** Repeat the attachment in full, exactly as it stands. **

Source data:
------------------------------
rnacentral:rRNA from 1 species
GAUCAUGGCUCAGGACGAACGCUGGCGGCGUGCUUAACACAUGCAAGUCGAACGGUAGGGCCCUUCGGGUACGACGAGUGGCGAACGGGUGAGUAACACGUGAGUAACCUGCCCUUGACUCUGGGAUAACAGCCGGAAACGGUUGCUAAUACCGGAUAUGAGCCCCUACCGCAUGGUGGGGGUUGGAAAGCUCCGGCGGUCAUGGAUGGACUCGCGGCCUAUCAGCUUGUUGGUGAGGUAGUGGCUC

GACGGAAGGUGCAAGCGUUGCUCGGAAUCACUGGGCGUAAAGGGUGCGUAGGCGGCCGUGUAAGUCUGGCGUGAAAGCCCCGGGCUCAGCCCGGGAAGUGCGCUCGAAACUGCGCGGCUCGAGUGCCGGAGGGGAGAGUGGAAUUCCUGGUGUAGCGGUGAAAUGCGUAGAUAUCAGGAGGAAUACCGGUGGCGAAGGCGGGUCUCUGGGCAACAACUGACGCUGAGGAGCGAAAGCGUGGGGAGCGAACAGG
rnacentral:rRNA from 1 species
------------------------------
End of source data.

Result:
rnacentral:rRNA from 1 species
GAUCAUGGCUCAGGACGAACGCUGGCGGCGUGCUUAACACAUGCAAGUCGAACGGUAGGGCCCUUCGGGUACGACGAGUGGCGAACGGGUGAGUAACACGUGAGUAACCUGCCCUUGACUCUGGGAUAACAGCCGGAAACGGUUGCUAAUACCGGAUAUGAGCCCCUACCGCAUGGUGGGGGUUGGAAAGCUCCGGCGGUCAUGGAUGGACUCGCGGCCUAUCAGCUUGUUGGUGAGGUAGUGGCUC

GACGGAAGGUGCAAGCGUUGCUCGGAAUCACUGGGCGUAAAGGGUGCGUAGGCGGCCGUGUAAGUCUGGCGUGAAAGCCCCGGGCUCAGCCCGGGAAGUGCGCUCGAAACUGCGCGGCUCGAGUGCCGGAGGGGAGAGUGGAAUUCCUGGUGUAGCGGUGAAAUGCGUAGAUAUCAGGAGGAAUACCGGUGGCGAAGGCGGGUCUCUGGGCAACAACUGACGCUGAGGAGCGAAAGCGUGGGGAGCGAACAGG
rnacentral:rRNA from 1 species